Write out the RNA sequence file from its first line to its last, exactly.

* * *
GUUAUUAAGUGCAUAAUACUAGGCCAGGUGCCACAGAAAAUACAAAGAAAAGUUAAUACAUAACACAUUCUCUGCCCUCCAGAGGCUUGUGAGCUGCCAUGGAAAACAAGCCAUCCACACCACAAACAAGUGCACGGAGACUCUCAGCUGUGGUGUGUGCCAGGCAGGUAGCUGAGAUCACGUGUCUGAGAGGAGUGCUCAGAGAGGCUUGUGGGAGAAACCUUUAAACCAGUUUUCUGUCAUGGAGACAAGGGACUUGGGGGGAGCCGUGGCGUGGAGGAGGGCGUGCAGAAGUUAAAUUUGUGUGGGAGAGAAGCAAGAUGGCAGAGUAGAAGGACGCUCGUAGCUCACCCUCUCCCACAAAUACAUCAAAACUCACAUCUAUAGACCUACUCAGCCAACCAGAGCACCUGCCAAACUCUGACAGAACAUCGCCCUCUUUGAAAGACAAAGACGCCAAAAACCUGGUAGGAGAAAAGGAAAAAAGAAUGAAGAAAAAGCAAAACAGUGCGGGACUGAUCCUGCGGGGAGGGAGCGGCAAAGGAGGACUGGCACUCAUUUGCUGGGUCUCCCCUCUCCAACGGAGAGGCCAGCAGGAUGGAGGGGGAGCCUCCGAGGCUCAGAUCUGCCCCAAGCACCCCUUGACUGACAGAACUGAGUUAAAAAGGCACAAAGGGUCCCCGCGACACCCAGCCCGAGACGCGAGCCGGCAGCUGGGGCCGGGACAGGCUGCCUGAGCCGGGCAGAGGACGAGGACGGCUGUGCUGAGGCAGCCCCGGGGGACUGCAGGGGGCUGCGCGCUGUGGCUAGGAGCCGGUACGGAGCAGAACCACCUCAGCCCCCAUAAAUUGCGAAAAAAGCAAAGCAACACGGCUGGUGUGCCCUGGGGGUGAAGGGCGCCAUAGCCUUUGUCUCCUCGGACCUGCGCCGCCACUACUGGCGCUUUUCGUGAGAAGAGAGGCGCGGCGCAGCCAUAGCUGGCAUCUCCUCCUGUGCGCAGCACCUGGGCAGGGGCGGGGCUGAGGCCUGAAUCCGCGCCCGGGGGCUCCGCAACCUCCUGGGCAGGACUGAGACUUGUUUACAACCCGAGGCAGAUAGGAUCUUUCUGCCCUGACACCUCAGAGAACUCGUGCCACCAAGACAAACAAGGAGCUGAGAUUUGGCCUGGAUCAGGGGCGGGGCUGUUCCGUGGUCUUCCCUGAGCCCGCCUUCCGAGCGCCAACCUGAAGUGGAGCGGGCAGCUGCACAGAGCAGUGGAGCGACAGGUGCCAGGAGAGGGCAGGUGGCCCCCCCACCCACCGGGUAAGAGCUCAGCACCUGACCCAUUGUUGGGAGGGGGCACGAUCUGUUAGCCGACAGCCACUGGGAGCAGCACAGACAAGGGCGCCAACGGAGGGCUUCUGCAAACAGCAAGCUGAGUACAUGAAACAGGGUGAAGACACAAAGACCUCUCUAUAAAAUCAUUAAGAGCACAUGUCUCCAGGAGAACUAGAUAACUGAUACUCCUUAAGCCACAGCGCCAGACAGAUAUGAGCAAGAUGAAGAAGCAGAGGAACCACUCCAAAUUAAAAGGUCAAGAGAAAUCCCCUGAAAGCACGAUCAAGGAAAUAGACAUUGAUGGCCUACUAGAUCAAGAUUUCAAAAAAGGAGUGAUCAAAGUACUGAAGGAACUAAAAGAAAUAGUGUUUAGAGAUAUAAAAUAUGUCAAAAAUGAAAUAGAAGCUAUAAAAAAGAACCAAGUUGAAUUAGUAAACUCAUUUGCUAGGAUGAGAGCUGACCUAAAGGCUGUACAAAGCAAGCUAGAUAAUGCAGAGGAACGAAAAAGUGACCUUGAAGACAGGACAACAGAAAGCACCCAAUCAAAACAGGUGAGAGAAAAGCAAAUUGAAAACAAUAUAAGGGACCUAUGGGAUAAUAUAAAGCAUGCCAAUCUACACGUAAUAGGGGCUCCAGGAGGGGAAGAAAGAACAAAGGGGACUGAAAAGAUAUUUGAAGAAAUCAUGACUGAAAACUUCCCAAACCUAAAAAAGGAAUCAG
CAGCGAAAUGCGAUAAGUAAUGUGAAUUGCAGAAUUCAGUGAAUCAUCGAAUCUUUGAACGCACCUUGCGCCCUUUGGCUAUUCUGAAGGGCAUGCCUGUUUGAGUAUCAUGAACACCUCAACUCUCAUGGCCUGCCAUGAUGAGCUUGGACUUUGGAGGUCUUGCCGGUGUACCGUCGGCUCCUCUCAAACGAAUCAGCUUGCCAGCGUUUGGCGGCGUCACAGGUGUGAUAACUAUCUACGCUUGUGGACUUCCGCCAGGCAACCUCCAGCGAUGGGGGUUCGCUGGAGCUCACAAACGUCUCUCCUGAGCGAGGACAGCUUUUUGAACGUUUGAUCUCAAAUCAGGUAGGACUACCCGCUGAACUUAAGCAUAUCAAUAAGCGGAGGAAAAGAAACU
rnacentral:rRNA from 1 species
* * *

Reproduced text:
GUUAUUAAGUGCAUAAUACUAGGCCAGGUGCCACAGAAAAUACAAAGAAAAGUUAAUACAUAACACAUUCUCUGCCCUCCAGAGGCUUGUGAGCUGCCAUGGAAAACAAGCCAUCCACACCACAAACAAGUGCACGGAGACUCUCAGCUGUGGUGUGUGCCAGGCAGGUAGCUGAGAUCACGUGUCUGAGAGGAGUGCUCAGAGAGGCUUGUGGGAGAAACCUUUAAACCAGUUUUCUGUCAUGGAGACAAGGGACUUGGGGGGAGCCGUGGCGUGGAGGAGGGCGUGCAGAAGUUAAAUUUGUGUGGGAGAGAAGCAAGAUGGCAGAGUAGAAGGACGCUCGUAGCUCACCCUCUCCCACAAAUACAUCAAAACUCACAUCUAUAGACCUACUCAGCCAACCAGAGCACCUGCCAAACUCUGACAGAACAUCGCCCUCUUUGAAAGACAAAGACGCCAAAAACCUGGUAGGAGAAAAGGAAAAAAGAAUGAAGAAAAAGCAAAACAGUGCGGGACUGAUCCUGCGGGGAGGGAGCGGCAAAGGAGGACUGGCACUCAUUUGCUGGGUCUCCCCUCUCCAACGGAGAGGCCAGCAGGAUGGAGGGGGAGCCUCCGAGGCUCAGAUCUGCCCCAAGCACCCCUUGACUGACAGAACUGAGUUAAAAAGGCACAAAGGGUCCCCGCGACACCCAGCCCGAGACGCGAGCCGGCAGCUGGGGCCGGGACAGGCUGCCUGAGCCGGGCAGAGGACGAGGACGGCUGUGCUGAGGCAGCCCCGGGGGACUGCAGGGGGCUGCGCGCUGUGGCUAGGAGCCGGUACGGAGCAGAACCACCUCAGCCCCCAUAAAUUGCGAAAAAAGCAAAGCAACACGGCUGGUGUGCCCUGGGGGUGAAGGGCGCCAUAGCCUUUGUCUCCUCGGACCUGCGCCGCCACUACUGGCGCUUUUCGUGAGAAGAGAGGCGCGGCGCAGCCAUAGCUGGCAUCUCCUCCUGUGCGCAGCACCUGGGCAGGGGCGGGGCUGAGGCCUGAAUCCGCGCCCGGGGGCUCCGCAACCUCCUGGGCAGGACUGAGACUUGUUUACAACCCGAGGCAGAUAGGAUCUUUCUGCCCUGACACCUCAGAGAACUCGUGCCACCAAGACAAACAAGGAGCUGAGAUUUGGCCUGGAUCAGGGGCGGGGCUGUUCCGUGGUCUUCCCUGAGCCCGCCUUCCGAGCGCCAACCUGAAGUGGAGCGGGCAGCUGCACAGAGCAGUGGAGCGACAGGUGCCAGGAGAGGGCAGGUGGCCCCCCCACCCACCGGGUAAGAGCUCAGCACCUGACCCAUUGUUGGGAGGGGGCACGAUCUGUUAGCCGACAGCCACUGGGAGCAGCACAGACAAGGGCGCCAACGGAGGGCUUCUGCAAACAGCAAGCUGAGUACAUGAAACAGGGUGAAGACACAAAGACCUCUCUAUAAAAUCAUUAAGAGCACAUGUCUCCAGGAGAACUAGAUAACUGAUACUCCUUAAGCCACAGCGCCAGACAGAUAUGAGCAAGAUGAAGAAGCAGAGGAACCACUCCAAAUUAAAAGGUCAAGAGAAAUCCCCUGAAAGCACGAUCAAGGAAAUAGACAUUGAUGGCCUACUAGAUCAAGAUUUCAAAAAAGGAGUGAUCAAAGUACUGAAGGAACUAAAAGAAAUAGUGUUUAGAGAUAUAAAAUAUGUCAAAAAUGAAAUAGAAGCUAUAAAAAAGAACCAAGUUGAAUUAGUAAACUCAUUUGCUAGGAUGAGAGCUGACCUAAAGGCUGUACAAAGCAAGCUAGAUAAUGCAGAGGAACGAAAAAGUGACCUUGAAGACAGGACAACAGAAAGCACCCAAUCAAAACAGGUGAGAGAAAAGCAAAUUGAAAACAAUAUAAGGGACCUAUGGGAUAAUAUAAAGCAUGCCAAUCUACACGUAAUAGGGGCUCCAGGAGGGGAAGAAAGAACAAAGGGGACUGAAAAGAUAUUUGAAGAAAUCAUGACUGAAAACUUCCCAAACCUAAAAAAGGAAUCAG
CAGCGAAAUGCGAUAAGUAAUGUGAAUUGCAGAAUUCAGUGAAUCAUCGAAUCUUUGAACGCACCUUGCGCCCUUUGGCUAUUCUGAAGGGCAUGCCUGUUUGAGUAUCAUGAACACCUCAACUCUCAUGGCCUGCCAUGAUGAGCUUGGACUUUGGAGGUCUUGCCGGUGUACCGUCGGCUCCUCUCAAACGAAUCAGCUUGCCAGCGUUUGGCGGCGUCACAGGUGUGAUAACUAUCUACGCUUGUGGACUUCCGCCAGGCAACCUCCAGCGAUGGGGGUUCGCUGGAGCUCACAAACGUCUCUCCUGAGCGAGGACAGCUUUUUGAACGUUUGAUCUCAAAUCAGGUAGGACUACCCGCUGAACUUAAGCAUAUCAAUAAGCGGAGGAAAAGAAACU
rnacentral:rRNA from 1 species